I&P is present in areas like Alam Impian, Shah Alam, and Kinrara in Puchong, where we don’t have land. So, it gives us exposure to new markets, and I&P has its own following. That in itself is a good strategy and fits into our expansion plan very well. People present a challenge. It is a different culture. S P Setia has about 1,800 employees and I&P about 350, and we feel we have a strong culture that they can emulate.
Would you say that blending the two cultures and people is the biggest challenge of the merger? How are you addressing the issue?
Yes, I think that is the biggest challenge. We are talking to them and, of course, initially, there were some concerns and apprehension but we have had quite a number of meetings and town hall meetings. I’m heartened to see that from the questionnaire, 79% said they are ready and looking forward to coming together, 17% are neutral and only 4% are unsure. So it is very positive and we are upbeat about this.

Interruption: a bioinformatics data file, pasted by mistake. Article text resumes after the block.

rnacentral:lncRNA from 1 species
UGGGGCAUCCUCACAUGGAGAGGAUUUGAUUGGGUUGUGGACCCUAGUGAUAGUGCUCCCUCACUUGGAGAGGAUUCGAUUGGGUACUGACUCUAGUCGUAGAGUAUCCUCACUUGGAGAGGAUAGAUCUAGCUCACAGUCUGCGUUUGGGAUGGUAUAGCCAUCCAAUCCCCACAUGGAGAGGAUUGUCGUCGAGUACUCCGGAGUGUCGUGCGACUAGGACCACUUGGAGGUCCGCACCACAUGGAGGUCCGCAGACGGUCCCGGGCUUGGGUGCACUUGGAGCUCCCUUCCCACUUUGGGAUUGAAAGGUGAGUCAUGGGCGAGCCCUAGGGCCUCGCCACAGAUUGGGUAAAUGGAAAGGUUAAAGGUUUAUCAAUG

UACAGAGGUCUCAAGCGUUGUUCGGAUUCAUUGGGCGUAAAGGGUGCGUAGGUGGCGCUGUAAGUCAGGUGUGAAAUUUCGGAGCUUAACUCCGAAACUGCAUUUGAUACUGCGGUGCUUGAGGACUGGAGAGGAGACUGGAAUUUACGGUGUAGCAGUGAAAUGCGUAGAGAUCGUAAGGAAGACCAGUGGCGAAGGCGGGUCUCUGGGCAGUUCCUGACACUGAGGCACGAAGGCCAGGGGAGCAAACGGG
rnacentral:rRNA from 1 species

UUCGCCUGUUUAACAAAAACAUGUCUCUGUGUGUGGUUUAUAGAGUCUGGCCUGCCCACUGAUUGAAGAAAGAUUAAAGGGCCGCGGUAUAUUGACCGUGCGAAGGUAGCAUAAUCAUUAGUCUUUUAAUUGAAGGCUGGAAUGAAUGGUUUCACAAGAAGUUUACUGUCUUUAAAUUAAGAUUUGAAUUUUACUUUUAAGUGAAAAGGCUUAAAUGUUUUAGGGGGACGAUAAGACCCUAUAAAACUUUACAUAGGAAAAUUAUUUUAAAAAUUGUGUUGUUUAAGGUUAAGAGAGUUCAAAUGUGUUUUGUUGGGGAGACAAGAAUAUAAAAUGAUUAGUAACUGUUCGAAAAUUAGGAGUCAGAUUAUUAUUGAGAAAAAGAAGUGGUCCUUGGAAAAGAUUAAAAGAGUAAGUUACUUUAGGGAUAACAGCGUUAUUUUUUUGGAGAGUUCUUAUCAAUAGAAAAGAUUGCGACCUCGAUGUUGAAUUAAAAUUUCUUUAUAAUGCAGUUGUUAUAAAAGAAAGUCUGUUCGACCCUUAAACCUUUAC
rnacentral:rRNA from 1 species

Both companies are township developers, so that makes it easier. It means we don’t have to retrain the staff. We just need to show them our way of doing things. They know us, and some of them really want to know the secret of our success. They want to improve themselves. Of course, we can expect some hiccups along the way but I am confident we can overcome them.
You said you think the worst is over for the domestic market. When do you expect to see a real recovery?
Yes, to us the worst is over but the market is still going sideways. It’s not really picking up. Whether or not it will pick up strongly in the next 6 to 12 months depends on the catalysts.
We do find pockets of real demand like Setia Eco Templer in Rawang, which is an underserved area. There are no such landed lifestyle properties there. So, when we launched, it was fully sold. We are now launching
Phase 2 and, again, the demand is very strong. Then in areas like Setia Alam, landed properties at the right price will still sell.